Why would employees of DPD give less than full scrutiny to new development? They are excellent, hard working people, but they're also smart enough to understand that their jobs are largely dependent on a steady stream of new construction. Simply put, when there is a lot of development, there is lots of work at DPD. When development slows — well, you get the idea. DPD receives 87 percent of its budget directly from developers. While accounting isn't completed, last year DPD took in $63.2 million in developer permits and other fees. New construction also helps flow property taxes into the city's general fund, and it's not capped by property-tax limitations, as existing homes are. While one can argue that DPD should generate enough income through permit fees to support new development, it is highly questionable whether developers should be paying the salary of those whose regulatory and planning roles are in the public's general interest and have nothing to do with their new project.
Former DPD Director Rich Krochalis was instrumental in inspiring better customer service from DPD personnel. While the result was a welcome change, the staff also became much more aware of just who the customers were. They were developers. Most are under pressure to get permits approved and inspections done as quickly as possible. During fast growth periods, new staff was added and not all new hires had the language or comprehension skills to interpret the complex codes and construction details. Many have no construction or engineering experience at all. Building code complexity can lead to serious conflicts and mistakes. With high work loads and verification and coordination by inexperienced field, inspections are harder to accomplish. The person in the office who approves a particular building or site may never have actually visited or seen the actual site. Also, some of those who approve plans may never have had any personal experience in the construction industry.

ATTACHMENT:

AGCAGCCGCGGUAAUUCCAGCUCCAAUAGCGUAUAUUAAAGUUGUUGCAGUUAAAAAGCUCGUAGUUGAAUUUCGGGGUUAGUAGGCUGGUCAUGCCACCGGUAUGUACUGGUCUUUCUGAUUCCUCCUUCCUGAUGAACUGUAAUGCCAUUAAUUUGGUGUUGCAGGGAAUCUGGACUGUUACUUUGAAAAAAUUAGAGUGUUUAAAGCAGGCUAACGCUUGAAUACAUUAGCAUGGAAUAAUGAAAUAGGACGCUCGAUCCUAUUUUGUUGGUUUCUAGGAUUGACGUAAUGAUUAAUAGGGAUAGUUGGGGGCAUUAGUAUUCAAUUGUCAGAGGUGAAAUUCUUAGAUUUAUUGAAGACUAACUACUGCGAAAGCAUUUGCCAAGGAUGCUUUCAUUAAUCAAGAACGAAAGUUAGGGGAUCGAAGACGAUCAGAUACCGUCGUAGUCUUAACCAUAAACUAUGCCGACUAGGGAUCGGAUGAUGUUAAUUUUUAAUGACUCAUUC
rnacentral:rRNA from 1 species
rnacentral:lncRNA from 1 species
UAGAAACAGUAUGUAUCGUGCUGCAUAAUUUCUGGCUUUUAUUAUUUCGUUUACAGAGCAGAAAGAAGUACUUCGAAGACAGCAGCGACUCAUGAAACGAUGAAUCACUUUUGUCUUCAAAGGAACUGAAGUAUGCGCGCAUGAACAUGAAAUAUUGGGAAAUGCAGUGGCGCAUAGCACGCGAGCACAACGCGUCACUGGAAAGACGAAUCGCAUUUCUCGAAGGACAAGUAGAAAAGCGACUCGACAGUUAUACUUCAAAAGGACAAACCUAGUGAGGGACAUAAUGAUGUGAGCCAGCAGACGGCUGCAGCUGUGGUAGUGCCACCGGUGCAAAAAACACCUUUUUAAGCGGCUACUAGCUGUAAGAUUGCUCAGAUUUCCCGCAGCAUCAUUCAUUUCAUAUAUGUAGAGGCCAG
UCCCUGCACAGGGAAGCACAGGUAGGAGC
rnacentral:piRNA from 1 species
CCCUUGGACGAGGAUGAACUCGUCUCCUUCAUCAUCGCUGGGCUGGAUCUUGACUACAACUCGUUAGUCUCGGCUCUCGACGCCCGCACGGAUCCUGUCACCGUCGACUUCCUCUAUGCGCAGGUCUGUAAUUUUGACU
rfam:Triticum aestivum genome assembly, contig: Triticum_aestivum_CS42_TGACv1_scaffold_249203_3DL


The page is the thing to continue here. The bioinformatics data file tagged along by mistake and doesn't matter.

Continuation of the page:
At the heart of DPD's problems is an administrative culture, a complex blend of administrative leadership, organization, politics, and incentives. These are good people, but the pressure of all those permits causes problems with lack of training and consistent competency on the part of the staff. It may not be too much to say DPD is broken and out of control, as many feel who deal with it closely.
Most agree that European countries plan their cities and manage their growth better than we do. One reason is that building permits in most of Europe can take years to obtain. They control growth by intense scrutiny of what effect and impact new development will cause.
Another complaint about DPD is the complexity of its building codes. There's continuous pressure on City Council to write codes that codify every situation, hoping to preclude individual judgments on what might be best for a particular building site. The unfortunate outcome is that we often get bad development because strict codes simply don't always fit individual sites. But it's hard to favor more flexibility, as developers always want, when the department so typically approves subdivisions of property, exemptions to codes and grants declarations of non significance (DNS) for environmentally sensitive areas and impacts.
Over time the codes we've created for every little detail have increased in number and complexity to the point that many in the industry can't understand what they mean. Seattle codes are measured by the pound, and even developers have to hire specialists to find loopholes to getting around inconvenient details. The number of exceptions built into our codes makes clear decisions sometimes impossible. It's not uncommon for a field inspector to reject a design, sending it back to another specialist who has yet another interpretation of what is code.